Big John McCarthy talks Palhares/Shields: ‘You’ve got to put responsibility on the referee’

MMAOddsBreaker’s Frank Trigg speaks with mixed martial arts pioneer referee “Big” John McCarthy about the recent World Series of Fighting 22 main event between Rousimar Palhares and Jake Shields, which was broiled in controversy.

The veteran referee, who does multiple seminars and has an extensive school for training MMA referees, broke down specifically what Palhares did wrong in regards to the finish of the fight:

“If you watch the fight. The real problem with what Palhares does is, when Jake takes him down and Palhares goes for the Kimura, he does a really nice job with that Kimura sweep. But the sweep works because Jake knows it’s tight. Jake gives up position, which is telling you as the referee, ‘Oh, it’s tight,’ so you want to put yourself in the right position to help that fighter if it gets to the point where we’re gonna have a tap or we see damage on that hold, we’re gonna stop the fight. And Jake actually taps pretty quick. He taps when he knows not when it’s really to the point where he can’t take anymore, he knows, ‘I’m caught. I’m not getting out,’ and he taps early. And from that point, Palhares takes that hold and he cranks that thing back about 14 more inches and that’s the problem with what we have. If you’re in that position and you’re Palhares, you have a choice. You have that hold and you feel that tap, you can say, ‘I’m gonna hold this until the referee tells me to stop. I’m not gonna let go of it, but I’m not gonna continue to crank it,’ because if I continue to crank it, I’m trying to injure my opponent after he has said, ‘You got me. I’m done. I tap.’ Thats a problem.”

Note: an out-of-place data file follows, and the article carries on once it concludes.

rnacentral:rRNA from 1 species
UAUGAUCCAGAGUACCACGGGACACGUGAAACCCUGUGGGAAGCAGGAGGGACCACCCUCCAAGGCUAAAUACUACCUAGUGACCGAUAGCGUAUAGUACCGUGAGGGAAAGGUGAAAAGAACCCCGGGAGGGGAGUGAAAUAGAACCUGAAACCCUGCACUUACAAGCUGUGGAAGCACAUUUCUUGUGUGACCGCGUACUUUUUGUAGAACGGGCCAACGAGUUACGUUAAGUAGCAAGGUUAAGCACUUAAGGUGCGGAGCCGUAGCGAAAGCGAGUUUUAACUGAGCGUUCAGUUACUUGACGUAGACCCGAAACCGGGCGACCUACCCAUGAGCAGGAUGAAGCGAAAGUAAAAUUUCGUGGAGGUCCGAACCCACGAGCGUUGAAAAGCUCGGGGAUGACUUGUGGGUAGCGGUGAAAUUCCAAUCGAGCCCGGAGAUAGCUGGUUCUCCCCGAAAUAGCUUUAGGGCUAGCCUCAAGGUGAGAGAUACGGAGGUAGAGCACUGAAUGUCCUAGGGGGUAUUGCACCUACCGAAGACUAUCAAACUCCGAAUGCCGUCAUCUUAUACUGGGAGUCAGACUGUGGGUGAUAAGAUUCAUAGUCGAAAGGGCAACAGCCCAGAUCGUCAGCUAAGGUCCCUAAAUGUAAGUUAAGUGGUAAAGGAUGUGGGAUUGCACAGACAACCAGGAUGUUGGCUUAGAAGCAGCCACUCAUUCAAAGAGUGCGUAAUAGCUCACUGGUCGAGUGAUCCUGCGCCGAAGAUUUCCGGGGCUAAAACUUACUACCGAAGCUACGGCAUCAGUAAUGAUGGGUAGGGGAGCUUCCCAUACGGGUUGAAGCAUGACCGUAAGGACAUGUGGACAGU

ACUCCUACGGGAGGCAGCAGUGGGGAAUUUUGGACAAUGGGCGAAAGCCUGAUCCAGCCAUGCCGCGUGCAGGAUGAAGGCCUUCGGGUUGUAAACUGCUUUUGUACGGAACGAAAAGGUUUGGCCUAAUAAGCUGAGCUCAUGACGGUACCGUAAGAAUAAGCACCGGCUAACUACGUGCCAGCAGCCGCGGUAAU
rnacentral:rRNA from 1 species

“Big” John also discussed what rules Palhares broke with his refusal to release the Kimura hold and what the referee could have done about it:

“We have two rule violations when it comes to the Unified Rules (of mixed martial arts). We have Unsportsmanlike Conduct because if you’re trying to crank someone after they tap, you’re being an unsportsmanlike prick. Second, we have Flagrantly Disregarding the Direction or Orders of the Referee. When you have the referee saying ‘Stop!’ and you’re not stopping, you’re flagrantly disregarding his command. That is a violation of the rules. Either one of those you can be disqualified for.”

McCarthy also went into detail about what part the referee (Steve Mazzagatti) played in the controversial finish:

“You’ve got to put responsibility on the referee. The referee, you’re there. The fighter’s safety is your number one thing and when you, as an official, have a fighter telling you ‘I’m overwhelmed. I can’t stop what’s occurring and I need help!’ and if you don’t help that fighter at that time, then you’re not doing your job. Your job is to relieve the pressure on that hold.”

Written by Frank Trigg

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